Get the Most Out of the Default Shell•Section 2. Useful tcsh Shell Configuration File Options•Section 3. Create Shell Bindings•Section 4. Use Terminal and X Bindings•Section 5. Use the Mouse at a Terminal•Section 6. Get Your Daily Dose of Trivia•Section 7. Lock the Screen•Section 8. Create a Trash Directory•Section 9. Customize User Configurations•Section 10. Maintain Your Environment on Multiple Systems•Section 11. Use an Interactive Shell•Section 12. Use Multiple Screens on One Terminal< Day Day Up >
< Day Day Up > Hack 0 IntroductionUsers of open source () Unix operating systemsare an interesting breed. They like to poke under the surface of things,to find out how things work, and to figure out new and interesting waysof accomplishing common computing tasks. In short, they like to "hack."While this book concentrates on the BSDs, many of the hacks apply toany open source operating system. Each hack is simply ademonstration of how to examine a common problem from a slightlydifferent angle. Feel free to use any of these hacks as a springboard toyour own customized solution. If your particular operating systemdoesn't contain the tool used in the solution, use a tool that does exist,or invent your own!This chapter provides many tools for getting the most out of yourworking environment. You'll learn how to make friends with your shelland how to perform your most common tasks with just a fewkeystrokes or mouse clicks. You'll also uncover tricks that can helpprevent command-line disasters. And, above all, you'll discover thathacking BSD is fun. So, pull your chair up to your operating system ofchoice and let's start hacking.< Day Day Up > < Day Day Up >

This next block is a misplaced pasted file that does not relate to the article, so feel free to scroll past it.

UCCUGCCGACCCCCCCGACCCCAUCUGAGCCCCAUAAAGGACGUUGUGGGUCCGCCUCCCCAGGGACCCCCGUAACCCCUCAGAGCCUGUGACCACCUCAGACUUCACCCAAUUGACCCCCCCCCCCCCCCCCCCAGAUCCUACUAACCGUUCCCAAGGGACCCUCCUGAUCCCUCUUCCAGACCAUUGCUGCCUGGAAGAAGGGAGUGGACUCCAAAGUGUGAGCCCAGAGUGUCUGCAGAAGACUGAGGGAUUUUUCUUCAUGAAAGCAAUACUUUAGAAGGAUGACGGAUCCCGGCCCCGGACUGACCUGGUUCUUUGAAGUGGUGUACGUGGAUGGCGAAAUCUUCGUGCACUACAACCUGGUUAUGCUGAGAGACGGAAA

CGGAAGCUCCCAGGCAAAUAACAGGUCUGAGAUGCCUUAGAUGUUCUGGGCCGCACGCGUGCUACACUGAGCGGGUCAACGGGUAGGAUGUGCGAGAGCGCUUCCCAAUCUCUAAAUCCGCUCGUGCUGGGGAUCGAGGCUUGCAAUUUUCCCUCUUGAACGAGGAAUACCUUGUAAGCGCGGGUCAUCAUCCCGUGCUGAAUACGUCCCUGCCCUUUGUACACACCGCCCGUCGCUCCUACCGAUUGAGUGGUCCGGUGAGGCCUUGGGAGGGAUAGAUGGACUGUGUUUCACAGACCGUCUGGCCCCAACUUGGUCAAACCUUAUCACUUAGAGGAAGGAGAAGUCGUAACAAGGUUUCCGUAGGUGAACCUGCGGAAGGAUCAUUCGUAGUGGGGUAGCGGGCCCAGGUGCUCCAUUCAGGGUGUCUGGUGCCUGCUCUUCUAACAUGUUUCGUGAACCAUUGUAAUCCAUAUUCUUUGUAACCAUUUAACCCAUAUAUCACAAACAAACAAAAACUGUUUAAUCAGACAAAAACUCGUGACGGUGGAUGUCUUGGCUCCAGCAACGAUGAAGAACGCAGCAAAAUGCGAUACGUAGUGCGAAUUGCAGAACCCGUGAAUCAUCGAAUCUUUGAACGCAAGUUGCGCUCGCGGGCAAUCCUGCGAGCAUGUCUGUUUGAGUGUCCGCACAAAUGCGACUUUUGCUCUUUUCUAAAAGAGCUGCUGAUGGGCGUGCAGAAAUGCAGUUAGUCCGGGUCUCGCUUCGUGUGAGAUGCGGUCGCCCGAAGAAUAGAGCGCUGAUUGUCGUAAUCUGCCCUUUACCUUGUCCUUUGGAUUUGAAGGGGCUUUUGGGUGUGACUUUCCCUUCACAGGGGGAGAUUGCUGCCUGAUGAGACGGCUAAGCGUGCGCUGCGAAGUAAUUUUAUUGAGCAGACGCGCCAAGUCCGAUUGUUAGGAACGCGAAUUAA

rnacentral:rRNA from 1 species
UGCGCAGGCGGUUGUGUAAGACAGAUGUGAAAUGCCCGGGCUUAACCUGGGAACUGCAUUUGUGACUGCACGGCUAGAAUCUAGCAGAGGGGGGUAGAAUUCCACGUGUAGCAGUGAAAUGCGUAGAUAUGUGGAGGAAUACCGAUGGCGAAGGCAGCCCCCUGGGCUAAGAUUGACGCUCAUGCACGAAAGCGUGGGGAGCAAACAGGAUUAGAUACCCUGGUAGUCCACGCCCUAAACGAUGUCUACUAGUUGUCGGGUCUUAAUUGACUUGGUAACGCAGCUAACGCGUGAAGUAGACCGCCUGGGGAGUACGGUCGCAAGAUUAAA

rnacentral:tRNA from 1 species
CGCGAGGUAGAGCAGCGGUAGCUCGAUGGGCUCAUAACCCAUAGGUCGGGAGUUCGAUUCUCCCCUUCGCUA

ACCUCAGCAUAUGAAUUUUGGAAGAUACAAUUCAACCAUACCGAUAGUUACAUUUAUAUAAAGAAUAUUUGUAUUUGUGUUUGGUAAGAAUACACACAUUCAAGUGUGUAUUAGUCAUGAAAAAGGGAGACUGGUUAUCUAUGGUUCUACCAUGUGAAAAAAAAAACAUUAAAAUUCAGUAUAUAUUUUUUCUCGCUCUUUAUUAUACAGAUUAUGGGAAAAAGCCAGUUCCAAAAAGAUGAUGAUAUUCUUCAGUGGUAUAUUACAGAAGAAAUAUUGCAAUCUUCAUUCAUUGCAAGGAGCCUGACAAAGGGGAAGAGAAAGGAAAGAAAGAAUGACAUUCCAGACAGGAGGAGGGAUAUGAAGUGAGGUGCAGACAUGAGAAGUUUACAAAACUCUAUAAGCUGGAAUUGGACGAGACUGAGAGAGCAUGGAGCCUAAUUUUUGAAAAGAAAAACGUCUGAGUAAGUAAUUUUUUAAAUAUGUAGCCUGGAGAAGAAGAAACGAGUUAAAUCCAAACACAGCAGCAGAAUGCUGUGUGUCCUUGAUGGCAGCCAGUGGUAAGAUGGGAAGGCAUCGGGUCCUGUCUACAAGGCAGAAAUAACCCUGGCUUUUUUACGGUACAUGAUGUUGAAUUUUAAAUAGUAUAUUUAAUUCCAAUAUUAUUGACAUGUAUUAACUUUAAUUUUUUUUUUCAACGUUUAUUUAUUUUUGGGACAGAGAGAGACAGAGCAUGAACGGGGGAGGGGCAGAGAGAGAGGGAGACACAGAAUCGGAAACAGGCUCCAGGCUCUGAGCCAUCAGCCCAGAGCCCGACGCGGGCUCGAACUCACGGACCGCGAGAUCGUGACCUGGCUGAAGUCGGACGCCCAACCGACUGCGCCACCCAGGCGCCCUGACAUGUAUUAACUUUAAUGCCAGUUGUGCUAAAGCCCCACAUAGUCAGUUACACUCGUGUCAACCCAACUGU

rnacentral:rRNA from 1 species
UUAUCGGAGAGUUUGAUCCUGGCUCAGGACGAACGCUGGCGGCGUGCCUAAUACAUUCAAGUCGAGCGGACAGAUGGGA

Hack 1 Get the Most Out of the DefaultShellBecome a speed daemon at the command line.For better or for worse, you spend a lot of time at the command line. Ifyou're used to administering a Linux system, you may be dismayed tolearn that bash is not the default shell on a BSD system, for either thesuperuser or regular user accounts.Take heart; the FreeBSD superuser's default tcsh shell is also brimmingwith shortcuts and little tricks designed to let you breeze through eventhe most tedious of tasks. Spend a few moments learning these tricksand you'll feel right at home. If you're new to the command line orconsider yourself a terrible typist, read on. Unix might be a whole loteasier than you think.NetBSD and OpenBSD also ship with the C shellas their default shell. However, it is not always thesame tcsh, but often its simpler variant, csh, whichdoesn't support all of the tricks provided in thishack.However, both NetBSD and OpenBSD providea tcsh package in their respective packagecollections.